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What we Don’t Think About

Personal Finances

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What we Don’t Think About

Itzury Gomez, Writer

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Personal finance… it’s not typically something high school students consider. At a recent GLINC club meeting, however, there was a presentation on managing personal finance, understanding taxes, and building savings. Most everyone in attendance learned they knew absolutely nothing about something so important.

Personal finances are vital and students need to know more about them prior to entering adulthood — before they are forced to learn about them the hard way. Often people make mistakes that leave them deep in debt — a debt nearly impossible to get out of. 

Fortunately, here at Cartersville High there is a Financial Literacy class, taught by Mrs. Spradley. There is also a Marketing Management course, and seniors in Economics have benefited from lectures by an Edward Jones professional. He has presented on multiple Fridays,  informing seniors about real-world money management. 

Mrs. Tierce has been excited about the success and interest in the Edward Jones presentations and looks forward to incorporating additional financial literacy into senior Economic classes in the future.

Besides the resources listed above, here are some additional tips as students begin navigating personal finances: 

  • Large, well-known (and advertised) banks are usually not the best option. They will often charge the customer for unnecessary features that smaller banks would not.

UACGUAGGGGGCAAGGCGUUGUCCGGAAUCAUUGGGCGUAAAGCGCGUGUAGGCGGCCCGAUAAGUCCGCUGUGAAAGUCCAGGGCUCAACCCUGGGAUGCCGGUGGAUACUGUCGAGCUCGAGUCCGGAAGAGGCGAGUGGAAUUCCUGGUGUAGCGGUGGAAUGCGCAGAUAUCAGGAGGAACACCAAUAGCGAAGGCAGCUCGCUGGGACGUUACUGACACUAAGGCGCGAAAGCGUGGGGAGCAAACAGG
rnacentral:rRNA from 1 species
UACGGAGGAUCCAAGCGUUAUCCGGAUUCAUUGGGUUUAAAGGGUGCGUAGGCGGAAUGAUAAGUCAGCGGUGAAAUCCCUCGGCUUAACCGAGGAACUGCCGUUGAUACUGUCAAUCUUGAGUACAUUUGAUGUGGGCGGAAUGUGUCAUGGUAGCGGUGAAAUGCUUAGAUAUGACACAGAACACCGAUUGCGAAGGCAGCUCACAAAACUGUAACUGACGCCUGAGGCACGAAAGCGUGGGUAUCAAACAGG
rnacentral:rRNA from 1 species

• Keep a calendar to remind yourself of due dates.
  • Pay attention to interest rates.  
  • Remember the 50/30/20 rule – a good rule of thumb to follow when it comes to managing money.
    • 50% of your income should be for your basic needs in life (food, clothing, rent, bills, etc.) 
    • 30is for your wants — things that you don’t need, but would like (i.e., Netflix)
    • 20% is for savings – for funds after your retire, and in case of emergencies
  • With regard to taxes…
    • a CPA (who helps with taxes) is optional — you can calculate your own, but if they are too complex, a CPA is good to have on hand.
    • Tax brackets — the percentage of taxes you owe, based upon annual income, whether you are married (filing status), and if you have children, etc.
    • The more income you make, the higher you tax bracket will be 
  • With regard to debit cards
    • Pros
      • Money that comes straight out of your bank 
      • Can only spend what you have, so you can’t go deep into debt.  
      • No need to carry cash 
      • Can load additional money into your account at an ATM
    • Cons
      • Money comes straight out of your bank account
      • It can be difficult to dispute charges and get your money back after a purchase.
      • It does not improve your credit score. 
      • Doesn’t offer rewards like credit cards do 
  • With regard to credit cards
    • Pros 
      • Can help build your credit score  
      • Can come with rewards or “free money” to encourage use 
      • Offers free insurance for things like car rentals and traveling 
      • Allows for more flexible spending if paid back on time Credit card Cons – 
    • Cons —
      • Borrowed money can have high interest rates  
      • Can wind up in deep debt 
      • Interest rates increase amount of money owed 
      • Rewards only giveback a small percentage of money in purchases, so must be careful with spending. 
      • Just like a credit card can help your credit score, it can hut it as well

There are so many other topics that could be covered, however these are the basics that most high school students should find beneficial.

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